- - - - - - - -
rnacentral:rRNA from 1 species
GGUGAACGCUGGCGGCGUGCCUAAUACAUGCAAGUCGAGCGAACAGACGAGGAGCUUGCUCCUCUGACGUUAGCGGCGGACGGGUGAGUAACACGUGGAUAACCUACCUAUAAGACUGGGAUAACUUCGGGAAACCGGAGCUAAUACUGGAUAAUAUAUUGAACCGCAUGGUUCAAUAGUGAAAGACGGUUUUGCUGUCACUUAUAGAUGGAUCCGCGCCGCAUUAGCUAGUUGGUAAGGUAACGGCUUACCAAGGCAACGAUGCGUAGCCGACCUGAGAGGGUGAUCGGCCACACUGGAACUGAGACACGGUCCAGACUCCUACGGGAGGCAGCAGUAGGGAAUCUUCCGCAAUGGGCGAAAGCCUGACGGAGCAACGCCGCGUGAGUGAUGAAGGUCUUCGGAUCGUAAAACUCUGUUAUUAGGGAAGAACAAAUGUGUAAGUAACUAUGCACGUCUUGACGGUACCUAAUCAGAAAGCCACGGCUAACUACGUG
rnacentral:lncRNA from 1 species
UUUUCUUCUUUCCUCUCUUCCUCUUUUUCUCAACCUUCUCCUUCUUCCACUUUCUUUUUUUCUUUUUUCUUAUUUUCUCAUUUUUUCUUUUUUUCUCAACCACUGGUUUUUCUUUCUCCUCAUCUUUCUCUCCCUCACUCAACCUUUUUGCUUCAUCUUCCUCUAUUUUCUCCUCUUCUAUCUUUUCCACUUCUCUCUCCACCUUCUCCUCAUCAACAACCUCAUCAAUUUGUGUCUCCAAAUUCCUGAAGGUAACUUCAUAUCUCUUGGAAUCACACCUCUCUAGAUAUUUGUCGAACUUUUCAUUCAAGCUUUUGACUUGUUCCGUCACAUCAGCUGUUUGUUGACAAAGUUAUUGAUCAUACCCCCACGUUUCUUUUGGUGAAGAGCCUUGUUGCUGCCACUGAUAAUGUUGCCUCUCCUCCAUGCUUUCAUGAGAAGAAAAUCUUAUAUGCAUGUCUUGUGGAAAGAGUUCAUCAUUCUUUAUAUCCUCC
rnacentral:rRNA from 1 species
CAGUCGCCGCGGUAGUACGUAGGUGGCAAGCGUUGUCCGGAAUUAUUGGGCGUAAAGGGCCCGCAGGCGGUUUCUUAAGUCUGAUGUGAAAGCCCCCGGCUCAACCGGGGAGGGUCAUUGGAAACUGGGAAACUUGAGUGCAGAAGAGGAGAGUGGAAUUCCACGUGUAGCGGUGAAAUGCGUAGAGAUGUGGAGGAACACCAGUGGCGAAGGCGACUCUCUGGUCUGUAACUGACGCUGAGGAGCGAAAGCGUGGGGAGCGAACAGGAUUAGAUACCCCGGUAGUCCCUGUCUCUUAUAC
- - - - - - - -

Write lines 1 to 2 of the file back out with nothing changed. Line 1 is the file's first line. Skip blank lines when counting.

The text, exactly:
rnacentral:rRNA from 1 species
GGUGAACGCUGGCGGCGUGCCUAAUACAUGCAAGUCGAGCGAACAGACGAGGAGCUUGCUCCUCUGACGUUAGCGGCGGACGGGUGAGUAACACGUGGAUAACCUACCUAUAAGACUGGGAUAACUUCGGGAAACCGGAGCUAAUACUGGAUAAUAUAUUGAACCGCAUGGUUCAAUAGUGAAAGACGGUUUUGCUGUCACUUAUAGAUGGAUCCGCGCCGCAUUAGCUAGUUGGUAAGGUAACGGCUUACCAAGGCAACGAUGCGUAGCCGACCUGAGAGGGUGAUCGGCCACACUGGAACUGAGACACGGUCCAGACUCCUACGGGAGGCAGCAGUAGGGAAUCUUCCGCAAUGGGCGAAAGCCUGACGGAGCAACGCCGCGUGAGUGAUGAAGGUCUUCGGAUCGUAAAACUCUGUUAUUAGGGAAGAACAAAUGUGUAAGUAACUAUGCACGUCUUGACGGUACCUAAUCAGAAAGCCACGGCUAACUACGUG